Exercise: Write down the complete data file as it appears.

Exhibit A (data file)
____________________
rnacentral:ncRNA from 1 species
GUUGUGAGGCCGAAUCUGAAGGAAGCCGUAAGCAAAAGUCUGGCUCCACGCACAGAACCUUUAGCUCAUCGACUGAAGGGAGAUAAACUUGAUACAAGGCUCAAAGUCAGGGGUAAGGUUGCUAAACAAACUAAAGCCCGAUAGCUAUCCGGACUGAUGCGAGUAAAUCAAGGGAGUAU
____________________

rnacentral:ncRNA from 1 species
GUUGUGAGGCCGAAUCUGAAGGAAGCCGUAAGCAAAAGUCUGGCUCCACGCACAGAACCUUUAGCUCAUCGACUGAAGGGAGAUAAACUUGAUACAAGGCUCAAAGUCAGGGGUAAGGUUGCUAAACAAACUAAAGCCCGAUAGCUAUCCGGACUGAUGCGAGUAAAUCAAGGGAGUAU